33.1 per cent of the surveyed population stated that their household could not afford to pay for a one-week annual holiday away from home. Furthermore, 15.7 per cent declared that their household would not be able to settle an unexpected financial expense of €770 and over.
Moreover, 7.8 per cent do not afford to keep the home adequately warm in winter and a further 7.8 per cent of the respondents stated that their household was in arrears on mortgage or rent payments, utility bills, hire purchase instalments or other loan payments.
This data emerged today from the European Statistics on Income and Living Conditions Survey (EU-SILC), which is a harmonised statistical enquiry which aims to collect comparable data on income, health and disability, employment, and material deprivation.
In 2021, it was revealed that less than 6.1 per cent of the surveyed population said that their household could not afford very basic needs, such as replacing worn-out clothes with new (not second-hand) ones, or, owning two pairs of properly-fitting shoes (including a pair of all-weather shoes).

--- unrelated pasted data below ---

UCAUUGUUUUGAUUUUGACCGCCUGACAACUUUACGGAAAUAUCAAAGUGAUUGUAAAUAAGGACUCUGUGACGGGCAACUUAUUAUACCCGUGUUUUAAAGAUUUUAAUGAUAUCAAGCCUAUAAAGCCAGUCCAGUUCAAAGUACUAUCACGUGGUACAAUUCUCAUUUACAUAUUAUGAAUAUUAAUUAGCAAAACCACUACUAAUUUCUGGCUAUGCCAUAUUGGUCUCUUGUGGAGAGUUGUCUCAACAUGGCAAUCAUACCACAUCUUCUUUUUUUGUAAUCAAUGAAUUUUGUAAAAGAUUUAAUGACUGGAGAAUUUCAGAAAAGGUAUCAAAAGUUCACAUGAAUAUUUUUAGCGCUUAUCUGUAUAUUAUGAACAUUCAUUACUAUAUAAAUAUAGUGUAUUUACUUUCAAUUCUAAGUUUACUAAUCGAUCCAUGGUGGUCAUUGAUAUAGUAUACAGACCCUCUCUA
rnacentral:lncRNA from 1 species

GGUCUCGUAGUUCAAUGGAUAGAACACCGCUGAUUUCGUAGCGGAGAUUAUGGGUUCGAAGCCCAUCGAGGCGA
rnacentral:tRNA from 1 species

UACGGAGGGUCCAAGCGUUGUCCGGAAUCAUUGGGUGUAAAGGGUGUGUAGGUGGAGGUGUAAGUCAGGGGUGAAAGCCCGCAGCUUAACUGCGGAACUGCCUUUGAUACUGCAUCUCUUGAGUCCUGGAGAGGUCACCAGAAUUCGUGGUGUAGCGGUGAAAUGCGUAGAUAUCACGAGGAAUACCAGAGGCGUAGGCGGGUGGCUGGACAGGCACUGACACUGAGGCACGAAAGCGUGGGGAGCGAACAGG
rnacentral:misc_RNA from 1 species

With reference to the indicators which reflect the quality of life, 7.7 per cent indicated that they do not afford to get together with friends/family (relatives) for a drink/meal at least once a month, while 10.4 per cent stated that they could not regularly participate in a leisure activity (such as sports or attending a concert). In each quality-of-life indicator, the percentage of females who could not afford an item was higher than the percentage of males.
In relation to the ability to spend small amounts of money each week for own use and the availability of internet connection for personal use at home, 11.8 per cent and 2.5 per cent respectively declared that these are not afforded. The 35-64 year-old cohort had the highest percentage of persons who could not afford spending a small amount of money on themselves (12.9 per cent) while 3.6 per cent of those aged 65 and over could not afford an internet connection at home for personal use.